[Tweeters] Point no Point Thick-billed Murre - Captured on Video!
wagtail at sounddsl.com
Mon Jan 15 20:38:41 PST 2007
Late this afternoon I was fortunate to obtain great scope looks at a
Thick-billed Murre just offshore from the point at Point no Point. I watched
the murre from about 3:45 until about 4:30 this afternoon. Although it would
occasionally dive, it remained in about the same area only about 100 yds.
offshore. I also was able to obtain some reasonably good video of it through
my scope. I will discuss some of the field marks of this murre, but the
clincher for me was clearly seeing the white mandible line. Vic Nelson was
also able to view the murre for a short while.
I do believe this Thick-billed Murre(TBMU) matches the description given by
Richard Schnieder from yesterday's sighting. However, it should be noted
that this TBMU differs from the description of an alternate-plumaged TBMU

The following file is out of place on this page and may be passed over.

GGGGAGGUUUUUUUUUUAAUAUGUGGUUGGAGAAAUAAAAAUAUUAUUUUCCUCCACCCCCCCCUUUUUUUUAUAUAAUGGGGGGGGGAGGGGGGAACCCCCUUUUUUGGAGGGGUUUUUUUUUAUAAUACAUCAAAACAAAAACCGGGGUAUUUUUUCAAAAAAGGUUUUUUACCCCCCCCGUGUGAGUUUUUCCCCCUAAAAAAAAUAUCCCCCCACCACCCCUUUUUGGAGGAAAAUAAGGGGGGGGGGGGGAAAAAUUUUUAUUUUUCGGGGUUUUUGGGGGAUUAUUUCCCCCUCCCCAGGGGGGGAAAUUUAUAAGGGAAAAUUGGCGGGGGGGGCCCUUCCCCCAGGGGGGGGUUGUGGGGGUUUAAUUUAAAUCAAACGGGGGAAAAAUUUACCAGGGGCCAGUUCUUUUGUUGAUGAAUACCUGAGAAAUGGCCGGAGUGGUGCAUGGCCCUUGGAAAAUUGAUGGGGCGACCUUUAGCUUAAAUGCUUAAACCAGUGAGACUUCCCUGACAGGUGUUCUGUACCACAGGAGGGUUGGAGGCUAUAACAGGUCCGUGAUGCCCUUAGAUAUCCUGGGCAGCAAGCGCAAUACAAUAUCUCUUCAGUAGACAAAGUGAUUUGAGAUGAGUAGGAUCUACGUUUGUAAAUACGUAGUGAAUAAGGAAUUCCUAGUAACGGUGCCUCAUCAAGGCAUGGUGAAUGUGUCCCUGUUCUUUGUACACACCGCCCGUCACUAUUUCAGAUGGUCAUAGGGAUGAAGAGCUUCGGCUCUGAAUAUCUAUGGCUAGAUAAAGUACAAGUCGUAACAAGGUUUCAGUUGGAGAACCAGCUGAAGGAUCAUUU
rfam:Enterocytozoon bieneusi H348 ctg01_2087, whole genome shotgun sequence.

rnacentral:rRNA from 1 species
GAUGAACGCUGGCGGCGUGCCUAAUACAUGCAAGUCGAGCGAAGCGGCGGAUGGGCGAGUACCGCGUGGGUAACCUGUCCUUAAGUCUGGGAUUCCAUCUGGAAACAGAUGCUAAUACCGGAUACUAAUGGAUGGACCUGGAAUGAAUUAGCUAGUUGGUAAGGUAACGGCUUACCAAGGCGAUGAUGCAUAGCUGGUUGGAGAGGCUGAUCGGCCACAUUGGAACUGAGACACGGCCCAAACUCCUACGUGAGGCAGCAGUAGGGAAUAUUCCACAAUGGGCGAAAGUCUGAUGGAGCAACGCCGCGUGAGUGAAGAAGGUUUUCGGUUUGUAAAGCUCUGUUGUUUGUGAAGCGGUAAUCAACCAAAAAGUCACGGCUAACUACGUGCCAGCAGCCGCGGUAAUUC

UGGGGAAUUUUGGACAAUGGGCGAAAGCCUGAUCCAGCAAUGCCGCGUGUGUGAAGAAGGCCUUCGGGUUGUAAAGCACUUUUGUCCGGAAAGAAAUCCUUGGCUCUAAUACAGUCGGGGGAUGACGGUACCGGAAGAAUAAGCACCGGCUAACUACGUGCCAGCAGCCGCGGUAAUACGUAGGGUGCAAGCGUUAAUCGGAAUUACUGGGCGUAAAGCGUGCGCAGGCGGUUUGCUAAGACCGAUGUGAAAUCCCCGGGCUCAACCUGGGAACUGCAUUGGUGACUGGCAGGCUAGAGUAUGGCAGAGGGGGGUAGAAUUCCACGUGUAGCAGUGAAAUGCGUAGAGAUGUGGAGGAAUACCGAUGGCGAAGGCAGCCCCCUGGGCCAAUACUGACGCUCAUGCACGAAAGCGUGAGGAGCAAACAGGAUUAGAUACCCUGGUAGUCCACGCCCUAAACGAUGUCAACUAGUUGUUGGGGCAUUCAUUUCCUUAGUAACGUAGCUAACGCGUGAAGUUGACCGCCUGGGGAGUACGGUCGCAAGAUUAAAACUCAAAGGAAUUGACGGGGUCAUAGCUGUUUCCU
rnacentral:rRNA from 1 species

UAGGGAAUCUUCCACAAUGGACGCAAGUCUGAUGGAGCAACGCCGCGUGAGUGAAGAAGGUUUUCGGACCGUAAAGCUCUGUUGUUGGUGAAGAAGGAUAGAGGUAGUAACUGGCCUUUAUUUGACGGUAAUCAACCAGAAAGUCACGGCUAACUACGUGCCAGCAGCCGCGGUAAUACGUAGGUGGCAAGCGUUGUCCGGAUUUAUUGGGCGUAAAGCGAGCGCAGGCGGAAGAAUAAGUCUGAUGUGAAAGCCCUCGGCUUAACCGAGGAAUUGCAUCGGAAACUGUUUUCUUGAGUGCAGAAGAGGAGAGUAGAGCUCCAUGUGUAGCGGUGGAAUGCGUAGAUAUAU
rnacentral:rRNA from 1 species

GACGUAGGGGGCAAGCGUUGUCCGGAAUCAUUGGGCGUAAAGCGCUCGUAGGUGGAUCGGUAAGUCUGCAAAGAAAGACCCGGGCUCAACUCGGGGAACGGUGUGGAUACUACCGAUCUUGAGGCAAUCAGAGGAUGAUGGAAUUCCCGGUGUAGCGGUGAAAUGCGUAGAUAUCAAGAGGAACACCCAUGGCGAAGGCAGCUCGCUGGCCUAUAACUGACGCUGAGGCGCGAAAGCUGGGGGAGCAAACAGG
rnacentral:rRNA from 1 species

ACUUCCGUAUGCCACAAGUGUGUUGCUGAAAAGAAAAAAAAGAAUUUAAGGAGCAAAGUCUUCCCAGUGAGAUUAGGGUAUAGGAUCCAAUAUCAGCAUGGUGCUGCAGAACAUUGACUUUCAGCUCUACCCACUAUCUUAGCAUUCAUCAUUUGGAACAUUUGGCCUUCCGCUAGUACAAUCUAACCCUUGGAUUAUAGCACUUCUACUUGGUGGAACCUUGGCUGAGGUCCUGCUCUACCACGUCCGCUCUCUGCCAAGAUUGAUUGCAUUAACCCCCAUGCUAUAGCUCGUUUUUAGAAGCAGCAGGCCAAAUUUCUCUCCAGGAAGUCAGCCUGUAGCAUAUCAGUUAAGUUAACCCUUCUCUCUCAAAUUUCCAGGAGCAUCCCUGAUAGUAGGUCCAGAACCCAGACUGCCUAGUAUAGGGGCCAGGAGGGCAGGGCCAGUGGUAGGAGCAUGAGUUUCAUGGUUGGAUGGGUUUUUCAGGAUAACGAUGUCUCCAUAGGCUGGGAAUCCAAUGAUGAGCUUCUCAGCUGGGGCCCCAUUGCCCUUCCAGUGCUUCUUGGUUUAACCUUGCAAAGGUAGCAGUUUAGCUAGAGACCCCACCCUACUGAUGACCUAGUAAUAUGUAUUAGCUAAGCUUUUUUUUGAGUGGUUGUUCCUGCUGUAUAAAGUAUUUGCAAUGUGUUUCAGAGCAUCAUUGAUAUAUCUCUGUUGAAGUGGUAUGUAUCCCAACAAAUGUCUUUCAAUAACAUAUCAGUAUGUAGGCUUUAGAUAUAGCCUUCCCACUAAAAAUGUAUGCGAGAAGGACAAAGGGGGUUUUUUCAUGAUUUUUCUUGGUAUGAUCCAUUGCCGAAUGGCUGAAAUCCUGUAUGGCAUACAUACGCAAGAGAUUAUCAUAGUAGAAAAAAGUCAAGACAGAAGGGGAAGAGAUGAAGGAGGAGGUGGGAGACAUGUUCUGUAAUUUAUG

originally sighted by Steve Mlodinow and others back in mid-December. I
believe others that have reported TBMU since the original sighting have
mentioned a bird in alternate plumage. I would describe this TBMU as
exhibiting mostly basic plumage, although the white throat was not clean
white, it was somewhat "dirty" white (not as bright as the flanks and
breast). It makes me wonder if this is the same original bird having gone
through some molt or ?????? In any event, I would be careful of identifying
distant murres as there are plenty of alternate-plumaged Common Murres in
the area that give a "blacker-look" than nearby basic-plumaged ones.
The TBMU did briefly come close to a basic-plumaged Common Murre at one
point (nice comparisons), but for the most part it was by itself. In
general, the TBMU was bulky, thick-necked with a blocky, flat-topped black
head. The black back and hindneck contrasted with the clean white flanks and
breast. The black of the neck came to a point at the foreneck making the
white of the breast come to a point and separating the white throat patch -
an interesting pattern.The bill was stubby and blunt with a decurved
culmen - not as long and as pointed as the nearby Common Murre. Last but not
least, the white gape line was nicely evident.
Ancient Murrelets and Marbled Murrelets were plentiful this afternoon so
alcid viewing at Point no Point remains productive.
Cheers and good birding,
Bainbridge Island, WA
mailto:wagtail at sounddsl.com
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